Japan will renew economic sanctions on Pyongyang, following North Korea's rocket launch. Japan and the United States are pushing the United Nations Security Council to condemn the launch, which they say was a cover-up to test a long-range missile, but any new resolution seems unlikely.
The sanctions, which were first imposed on North Korea in 2006, were set to expire on Monday.
But following the launch of what Pyongyang says was a communications satellite into orbit, a claim that Tokyo, Seoul and Washington all dispute, the Japanese cabinet extended the sanctions for another year.
The embargo blocks imports from North Korea and forbids its citizens or vessels from entering Japan. Tokyo is also tightening control over the amount of yen that can be transferred to North Korea. And while many luxury items such as high-priced seafood and electronics are subject to the sanctions, an all-out ban on exports to Pyongyang was ruled out.
But analysts say these measures put very little pressure on Pyongyang.
"North Korea wasn't getting much from Japan, a lot of the support that the North Koreans were getting from pro-North Korean residents in Japan had melted down earlier, so it's fairly minor, if not insignificant," said Robert Dujarric, director of the Institute of Contemporary Japanese Studies at Temple University in Tokyo.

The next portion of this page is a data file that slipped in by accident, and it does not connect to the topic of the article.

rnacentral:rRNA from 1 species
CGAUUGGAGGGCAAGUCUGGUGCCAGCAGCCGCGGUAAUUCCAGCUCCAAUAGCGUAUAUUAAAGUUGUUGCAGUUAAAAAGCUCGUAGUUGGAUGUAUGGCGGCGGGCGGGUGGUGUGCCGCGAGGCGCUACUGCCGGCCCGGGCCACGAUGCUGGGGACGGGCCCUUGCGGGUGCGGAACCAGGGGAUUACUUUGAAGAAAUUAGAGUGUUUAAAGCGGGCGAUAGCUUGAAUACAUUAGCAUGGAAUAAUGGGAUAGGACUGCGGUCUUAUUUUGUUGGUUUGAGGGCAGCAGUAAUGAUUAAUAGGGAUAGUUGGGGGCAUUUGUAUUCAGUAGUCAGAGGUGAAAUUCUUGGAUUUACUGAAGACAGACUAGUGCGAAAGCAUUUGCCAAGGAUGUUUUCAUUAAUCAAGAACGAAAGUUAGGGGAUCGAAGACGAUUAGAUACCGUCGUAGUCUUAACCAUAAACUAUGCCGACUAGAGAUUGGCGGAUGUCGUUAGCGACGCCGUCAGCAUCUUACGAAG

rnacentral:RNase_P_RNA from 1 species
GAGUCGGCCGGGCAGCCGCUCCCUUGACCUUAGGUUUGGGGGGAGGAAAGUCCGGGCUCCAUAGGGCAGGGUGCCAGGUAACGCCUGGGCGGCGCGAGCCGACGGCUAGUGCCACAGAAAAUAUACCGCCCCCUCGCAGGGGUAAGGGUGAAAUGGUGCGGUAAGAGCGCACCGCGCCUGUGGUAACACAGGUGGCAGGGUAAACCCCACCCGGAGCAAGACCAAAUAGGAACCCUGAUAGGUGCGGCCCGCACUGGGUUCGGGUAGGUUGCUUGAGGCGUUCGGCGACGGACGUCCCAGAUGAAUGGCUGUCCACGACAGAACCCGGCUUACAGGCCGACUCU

Tokyo has so far lobbied in vain for the United Nations Security Council to condemn North Korea's rocket launch last weekend.
News reports here say that the five permanent members of the Security Council are moving toward adopting a statement that expresses concern over the launch. However, they are not likely to expand sanctions.
Dujarric says the Security Council members have more pressing matters to be concerned with.
"I think the feeling everywhere is, there is an economic meltdown, very dangerous things happening in the economic field," he said. "North Korea is not a life-or-death threat, so rather than jack-up the pressure, risk North Korea collapse, risk an escalation, let's just tell them they are bad boys and let's forget about it"
Earlier this week, North Korea's U.N. ambassador pledged unspecific retaliation if the Security Council adopts any resolution or statement criticizing his nation. Pyongyang maintains it has the right to conduct tests aimed at exploring outer space.